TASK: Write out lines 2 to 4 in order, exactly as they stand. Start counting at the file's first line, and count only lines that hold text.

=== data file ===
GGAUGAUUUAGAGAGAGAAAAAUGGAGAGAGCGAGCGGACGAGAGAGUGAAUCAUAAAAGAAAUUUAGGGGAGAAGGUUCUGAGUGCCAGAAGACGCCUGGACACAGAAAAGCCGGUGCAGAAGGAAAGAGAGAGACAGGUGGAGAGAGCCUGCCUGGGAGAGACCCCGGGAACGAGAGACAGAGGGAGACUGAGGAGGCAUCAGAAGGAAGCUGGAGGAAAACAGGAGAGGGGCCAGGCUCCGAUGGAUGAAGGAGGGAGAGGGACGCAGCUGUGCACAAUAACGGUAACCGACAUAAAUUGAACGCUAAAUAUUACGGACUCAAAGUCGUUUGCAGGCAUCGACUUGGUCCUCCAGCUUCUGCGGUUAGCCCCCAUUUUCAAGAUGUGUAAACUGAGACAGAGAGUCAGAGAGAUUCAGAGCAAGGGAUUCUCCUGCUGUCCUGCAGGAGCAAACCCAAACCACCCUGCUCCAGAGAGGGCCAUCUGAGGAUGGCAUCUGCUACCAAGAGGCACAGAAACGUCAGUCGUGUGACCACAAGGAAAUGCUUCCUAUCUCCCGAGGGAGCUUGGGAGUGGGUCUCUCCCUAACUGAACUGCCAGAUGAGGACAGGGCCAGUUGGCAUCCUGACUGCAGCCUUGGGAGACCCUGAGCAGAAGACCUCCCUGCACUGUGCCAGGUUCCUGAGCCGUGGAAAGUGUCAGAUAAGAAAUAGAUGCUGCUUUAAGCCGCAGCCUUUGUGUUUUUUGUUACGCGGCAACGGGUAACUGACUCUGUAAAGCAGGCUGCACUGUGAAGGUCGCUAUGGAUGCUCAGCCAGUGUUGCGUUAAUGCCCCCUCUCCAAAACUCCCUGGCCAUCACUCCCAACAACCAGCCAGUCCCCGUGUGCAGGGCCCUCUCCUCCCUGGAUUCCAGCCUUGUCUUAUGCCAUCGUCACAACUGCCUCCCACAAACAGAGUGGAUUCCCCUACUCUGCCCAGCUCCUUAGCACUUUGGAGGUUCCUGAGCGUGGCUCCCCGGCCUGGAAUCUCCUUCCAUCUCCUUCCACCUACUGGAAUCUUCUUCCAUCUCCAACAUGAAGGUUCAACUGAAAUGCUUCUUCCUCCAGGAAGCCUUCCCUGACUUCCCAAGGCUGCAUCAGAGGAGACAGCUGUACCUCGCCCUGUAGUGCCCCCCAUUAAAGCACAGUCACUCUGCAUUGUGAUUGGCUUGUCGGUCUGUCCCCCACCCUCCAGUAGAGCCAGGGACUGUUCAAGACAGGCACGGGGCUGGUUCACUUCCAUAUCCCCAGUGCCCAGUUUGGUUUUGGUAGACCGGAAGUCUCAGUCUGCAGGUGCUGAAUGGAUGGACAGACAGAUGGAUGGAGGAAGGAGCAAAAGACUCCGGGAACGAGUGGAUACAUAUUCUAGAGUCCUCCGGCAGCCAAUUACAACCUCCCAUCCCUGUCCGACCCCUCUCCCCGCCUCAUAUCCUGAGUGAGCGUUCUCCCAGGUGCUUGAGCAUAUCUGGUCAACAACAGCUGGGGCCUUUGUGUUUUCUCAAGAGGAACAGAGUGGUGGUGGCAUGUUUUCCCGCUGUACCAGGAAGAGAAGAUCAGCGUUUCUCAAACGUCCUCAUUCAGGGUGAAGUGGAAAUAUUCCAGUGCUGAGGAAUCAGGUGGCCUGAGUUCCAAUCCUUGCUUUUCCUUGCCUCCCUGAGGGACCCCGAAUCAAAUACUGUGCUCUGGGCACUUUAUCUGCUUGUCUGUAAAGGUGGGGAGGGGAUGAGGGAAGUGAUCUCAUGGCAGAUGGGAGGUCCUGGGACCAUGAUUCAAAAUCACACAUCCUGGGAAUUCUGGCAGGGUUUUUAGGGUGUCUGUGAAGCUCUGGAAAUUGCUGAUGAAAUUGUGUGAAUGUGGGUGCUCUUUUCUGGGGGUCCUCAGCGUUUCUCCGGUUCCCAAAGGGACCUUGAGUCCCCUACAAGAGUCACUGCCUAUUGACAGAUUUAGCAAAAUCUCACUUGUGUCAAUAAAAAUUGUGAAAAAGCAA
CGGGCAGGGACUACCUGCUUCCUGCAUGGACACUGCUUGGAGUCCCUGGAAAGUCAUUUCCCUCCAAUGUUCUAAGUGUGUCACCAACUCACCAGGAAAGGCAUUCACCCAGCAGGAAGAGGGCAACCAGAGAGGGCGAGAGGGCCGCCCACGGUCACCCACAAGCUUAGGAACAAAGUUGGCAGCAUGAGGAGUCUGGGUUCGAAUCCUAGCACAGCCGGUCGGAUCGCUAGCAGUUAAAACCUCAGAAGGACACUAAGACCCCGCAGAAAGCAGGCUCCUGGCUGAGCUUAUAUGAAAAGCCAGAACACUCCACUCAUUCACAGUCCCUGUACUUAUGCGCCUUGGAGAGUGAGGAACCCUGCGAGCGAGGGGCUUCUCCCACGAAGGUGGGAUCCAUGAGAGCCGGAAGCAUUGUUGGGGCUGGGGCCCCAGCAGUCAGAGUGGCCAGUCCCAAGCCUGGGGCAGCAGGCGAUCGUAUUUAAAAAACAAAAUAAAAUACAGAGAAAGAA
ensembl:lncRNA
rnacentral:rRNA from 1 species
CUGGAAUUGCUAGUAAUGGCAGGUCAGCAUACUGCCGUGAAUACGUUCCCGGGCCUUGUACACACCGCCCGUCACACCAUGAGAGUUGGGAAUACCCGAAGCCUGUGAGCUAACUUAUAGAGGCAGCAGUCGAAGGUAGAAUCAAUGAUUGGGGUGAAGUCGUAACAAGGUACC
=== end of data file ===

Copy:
CGGGCAGGGACUACCUGCUUCCUGCAUGGACACUGCUUGGAGUCCCUGGAAAGUCAUUUCCCUCCAAUGUUCUAAGUGUGUCACCAACUCACCAGGAAAGGCAUUCACCCAGCAGGAAGAGGGCAACCAGAGAGGGCGAGAGGGCCGCCCACGGUCACCCACAAGCUUAGGAACAAAGUUGGCAGCAUGAGGAGUCUGGGUUCGAAUCCUAGCACAGCCGGUCGGAUCGCUAGCAGUUAAAACCUCAGAAGGACACUAAGACCCCGCAGAAAGCAGGCUCCUGGCUGAGCUUAUAUGAAAAGCCAGAACACUCCACUCAUUCACAGUCCCUGUACUUAUGCGCCUUGGAGAGUGAGGAACCCUGCGAGCGAGGGGCUUCUCCCACGAAGGUGGGAUCCAUGAGAGCCGGAAGCAUUGUUGGGGCUGGGGCCCCAGCAGUCAGAGUGGCCAGUCCCAAGCCUGGGGCAGCAGGCGAUCGUAUUUAAAAAACAAAAUAAAAUACAGAGAAAGAA
ensembl:lncRNA
rnacentral:rRNA from 1 species